The results from all MDCT scans were revised for this study by five radiologists in order to accurately determine lymph-node shape and size along the major axis in the area of the stations dissected by surgeons. Lymph-node size was arbitrarily subdivided into five categories (major axis <5 mm, 5 to <10 mm, 10 to <15 mm, 15 to <20 mm, and ≥20 mm). All radiologically detected lymph nodes were separately registered for each lymphatic station in accordance with Japanese Gastric Cancer Association (JGCA) recommendations [4], with special attention being paid to associations of enlarged lymph nodes such as three lymph nodes in the same station or presence of enlarged lymph nodes in nearby stations. Dissected stations where only fatty tissue was identified (as frequently occurs in the suprapyloric station) were not considered for this study.

Subtotal gastrectomy was then performed for tumors sited in the lower two-thirds of the stomach, whereas total gastrectomy without standard splenectomy was carried out for tumors in the upper third of the stomach. Both interventions were completed by level I or II lymphadenectomy (D1 or D2), based on the age and condition of the patient [4], and removal of the greater and lesser omentum. All lymphatic stations were dissected by surgeons immediately after resection for separate histological examination. Tumors were classified in accordance with the Union for International Cancer Control tumor, node, metastasis (UICC TNM) classification (seventh edition) [5].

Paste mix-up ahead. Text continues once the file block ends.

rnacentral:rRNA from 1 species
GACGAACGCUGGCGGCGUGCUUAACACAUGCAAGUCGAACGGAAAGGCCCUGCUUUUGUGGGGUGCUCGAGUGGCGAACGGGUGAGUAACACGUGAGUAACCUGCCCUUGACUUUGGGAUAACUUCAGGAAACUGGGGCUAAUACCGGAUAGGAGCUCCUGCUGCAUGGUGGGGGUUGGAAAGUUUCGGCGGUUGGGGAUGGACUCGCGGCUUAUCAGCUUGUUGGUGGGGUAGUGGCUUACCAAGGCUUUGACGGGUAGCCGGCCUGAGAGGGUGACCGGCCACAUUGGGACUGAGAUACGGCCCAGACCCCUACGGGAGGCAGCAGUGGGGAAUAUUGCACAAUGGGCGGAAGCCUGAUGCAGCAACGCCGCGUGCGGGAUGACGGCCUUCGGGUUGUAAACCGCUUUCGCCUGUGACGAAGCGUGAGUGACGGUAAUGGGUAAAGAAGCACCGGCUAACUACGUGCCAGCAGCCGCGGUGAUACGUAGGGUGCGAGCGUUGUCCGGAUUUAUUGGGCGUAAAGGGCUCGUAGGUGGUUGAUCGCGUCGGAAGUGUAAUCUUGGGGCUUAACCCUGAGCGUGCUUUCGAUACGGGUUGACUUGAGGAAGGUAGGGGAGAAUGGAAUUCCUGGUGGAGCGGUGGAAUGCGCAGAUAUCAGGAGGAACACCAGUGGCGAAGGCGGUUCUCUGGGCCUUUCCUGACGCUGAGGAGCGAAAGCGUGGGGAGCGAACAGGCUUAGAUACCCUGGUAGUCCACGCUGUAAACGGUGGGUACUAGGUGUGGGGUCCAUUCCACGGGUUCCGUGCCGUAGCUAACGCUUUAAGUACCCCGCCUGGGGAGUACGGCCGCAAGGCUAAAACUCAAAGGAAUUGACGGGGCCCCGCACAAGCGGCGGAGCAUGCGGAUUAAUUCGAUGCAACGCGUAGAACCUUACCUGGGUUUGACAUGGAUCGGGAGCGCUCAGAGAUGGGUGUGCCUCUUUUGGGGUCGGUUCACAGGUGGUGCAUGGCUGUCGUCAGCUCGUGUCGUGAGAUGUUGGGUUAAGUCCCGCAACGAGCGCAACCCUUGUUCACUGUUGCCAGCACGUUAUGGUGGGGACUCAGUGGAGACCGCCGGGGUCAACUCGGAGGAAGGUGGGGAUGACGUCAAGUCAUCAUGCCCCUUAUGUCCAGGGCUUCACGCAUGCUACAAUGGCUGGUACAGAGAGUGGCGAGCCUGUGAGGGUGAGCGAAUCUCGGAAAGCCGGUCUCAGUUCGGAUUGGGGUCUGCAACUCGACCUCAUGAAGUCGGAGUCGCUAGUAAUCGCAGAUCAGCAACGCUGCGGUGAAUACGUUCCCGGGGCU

We then correlated the shape and size of radiologically detected lymph nodes in each lymphatic station with the histological diagnosis of any lymph nodes dissected in that station. To assess the correlation between the size of MDCT-detected lymph nodes and infiltration, stations were considered radiologically positive if at least one lymph node was detected by imaging in that area, and histologically involved if at least one of the separately dissected lymph nodes was infiltrated. Clinical, radiologic, and pathologic data were stored in the database. Sensitivity, specificity, positive and negative predictive value (PPV and NPV), accuracy, and likelihood of lymph-node involvement were determined to evaluate diagnostic efficiency.

Results

The characteristics of the 111 patients are summarized in Table 2. In total, 3632 lymph nodes from 643 stations were dissected (median 32.7 lymph nodes/patient). There were 832 lymph nodes detected by our radiologists in 382 stations; 75 stations had lymph nodes smaller than 5 mm in size, whereas 83 had lymph nodes that were 10 mm or larger. Only three stations with lymph nodes larger than 20 mm were seen in our series.